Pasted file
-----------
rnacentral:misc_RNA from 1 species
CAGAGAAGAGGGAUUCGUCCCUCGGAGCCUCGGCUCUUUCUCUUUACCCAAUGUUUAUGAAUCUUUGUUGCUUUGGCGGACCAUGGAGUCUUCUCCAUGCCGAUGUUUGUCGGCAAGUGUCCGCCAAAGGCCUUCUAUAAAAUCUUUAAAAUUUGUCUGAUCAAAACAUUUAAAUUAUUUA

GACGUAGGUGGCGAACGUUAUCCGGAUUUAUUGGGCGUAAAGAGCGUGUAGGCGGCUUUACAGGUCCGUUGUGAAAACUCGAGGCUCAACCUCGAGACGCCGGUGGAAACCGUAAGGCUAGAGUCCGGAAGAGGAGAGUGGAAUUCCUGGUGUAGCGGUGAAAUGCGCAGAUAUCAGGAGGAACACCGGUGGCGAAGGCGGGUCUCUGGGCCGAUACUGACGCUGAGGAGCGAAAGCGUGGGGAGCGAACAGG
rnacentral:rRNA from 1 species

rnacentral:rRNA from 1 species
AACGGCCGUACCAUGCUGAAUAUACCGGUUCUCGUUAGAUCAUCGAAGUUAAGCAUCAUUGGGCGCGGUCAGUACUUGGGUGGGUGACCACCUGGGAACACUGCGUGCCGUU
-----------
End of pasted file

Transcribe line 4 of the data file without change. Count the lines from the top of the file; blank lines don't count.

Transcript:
rnacentral:rRNA from 1 species